One wonders, however, if Miss Purves would show the courage of her convictions by embarking on a plane knowing in advance that the pilot has been treated for mental disorders. It would be like vaccine pioneers inoculating themselves, though with less of a benefit for mankind.









For once I agree with the BBC

First a disclaimer: I dislike the BBC and quite like Jeremy Clarkson.

With every word out of his mouth, the sacked presenter of Top Gear challenges the prevailing ethos, especially its more revolting aspects so ably promoted by the BBC.

Clarkson talks and writes in a lucid, entertaining and occasionally witty fashion, with none of the emetic self-righteousness typified by the network’s ‘serious’ programmes.

He is the quintessential Jack the Lad, not the anthropological type that appeals to me before all others, but surely one preferable to the pseudointellectual lefties making up the bulk of the BBC staff.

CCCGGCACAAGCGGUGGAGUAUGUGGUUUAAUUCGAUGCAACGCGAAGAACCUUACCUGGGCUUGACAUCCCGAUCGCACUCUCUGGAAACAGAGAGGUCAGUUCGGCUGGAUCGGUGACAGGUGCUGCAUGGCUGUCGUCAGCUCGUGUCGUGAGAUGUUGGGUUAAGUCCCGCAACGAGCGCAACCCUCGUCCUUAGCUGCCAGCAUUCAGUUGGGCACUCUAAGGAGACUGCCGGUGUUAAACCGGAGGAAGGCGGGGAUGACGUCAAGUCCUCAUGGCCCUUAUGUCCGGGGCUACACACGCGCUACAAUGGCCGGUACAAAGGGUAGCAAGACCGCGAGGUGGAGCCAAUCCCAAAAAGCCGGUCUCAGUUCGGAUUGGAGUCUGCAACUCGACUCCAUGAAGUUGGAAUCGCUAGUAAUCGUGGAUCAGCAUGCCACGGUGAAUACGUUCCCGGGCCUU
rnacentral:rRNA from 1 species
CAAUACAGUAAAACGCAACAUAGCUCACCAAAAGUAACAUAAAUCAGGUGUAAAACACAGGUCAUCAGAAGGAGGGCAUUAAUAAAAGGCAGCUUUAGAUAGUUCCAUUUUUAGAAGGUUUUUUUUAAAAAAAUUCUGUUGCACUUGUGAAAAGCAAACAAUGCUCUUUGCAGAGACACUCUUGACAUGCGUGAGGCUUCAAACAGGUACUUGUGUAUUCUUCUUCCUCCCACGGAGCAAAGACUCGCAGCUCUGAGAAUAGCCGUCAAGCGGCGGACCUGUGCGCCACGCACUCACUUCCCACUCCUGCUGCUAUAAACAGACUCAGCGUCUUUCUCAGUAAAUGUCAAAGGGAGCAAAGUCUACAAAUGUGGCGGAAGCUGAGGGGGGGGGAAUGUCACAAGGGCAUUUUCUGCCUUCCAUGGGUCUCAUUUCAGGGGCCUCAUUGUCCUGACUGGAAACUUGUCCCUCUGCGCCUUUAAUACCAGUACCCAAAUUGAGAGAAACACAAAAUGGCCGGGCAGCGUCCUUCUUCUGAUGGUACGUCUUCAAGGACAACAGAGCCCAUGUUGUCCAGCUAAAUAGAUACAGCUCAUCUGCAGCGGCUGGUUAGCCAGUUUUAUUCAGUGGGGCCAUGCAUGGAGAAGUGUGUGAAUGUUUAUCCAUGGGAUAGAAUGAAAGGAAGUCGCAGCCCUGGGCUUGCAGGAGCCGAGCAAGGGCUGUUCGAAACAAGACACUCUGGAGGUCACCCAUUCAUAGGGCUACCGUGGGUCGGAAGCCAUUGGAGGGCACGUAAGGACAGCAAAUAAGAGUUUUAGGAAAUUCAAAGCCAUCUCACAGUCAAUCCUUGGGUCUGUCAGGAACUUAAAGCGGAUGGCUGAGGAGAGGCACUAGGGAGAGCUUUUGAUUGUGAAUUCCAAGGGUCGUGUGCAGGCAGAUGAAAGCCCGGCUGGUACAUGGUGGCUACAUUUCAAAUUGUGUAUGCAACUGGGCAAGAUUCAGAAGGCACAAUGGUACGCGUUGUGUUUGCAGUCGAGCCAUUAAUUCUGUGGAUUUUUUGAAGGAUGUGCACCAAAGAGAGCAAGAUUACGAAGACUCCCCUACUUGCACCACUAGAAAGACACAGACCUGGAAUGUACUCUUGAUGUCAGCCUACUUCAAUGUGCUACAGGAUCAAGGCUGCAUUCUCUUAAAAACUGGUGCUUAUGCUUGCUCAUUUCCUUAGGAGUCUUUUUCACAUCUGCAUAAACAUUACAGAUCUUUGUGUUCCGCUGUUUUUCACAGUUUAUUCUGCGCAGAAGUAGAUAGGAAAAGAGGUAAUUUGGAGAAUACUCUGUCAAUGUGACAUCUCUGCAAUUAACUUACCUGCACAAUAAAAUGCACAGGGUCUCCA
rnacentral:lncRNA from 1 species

Moreover, I am man enough to admit that I like cars (and I know real conservatives aren’t supposed to), if not quite with the same pitch of demotic passion exuded by Top Gear.

Hence over the years I must have watched a dozen Top Gear episodes, which, among BBC programmes, places it second in my affections to Match of the Day (another disqualifying factor for a real conservative I’m afraid).

If you detect a sense of mild, dispassionate approval for the show in general and Mr Clarkson in particular, your antennae are in working order. However, there is nothing mild and dispassionate about the contempt I feel for the BBC and everything it represents.

The network, this side of Top Gear and Match of the Day, proves my deep-seated conviction that trendy lefties aren’t just misguided but actually stupid.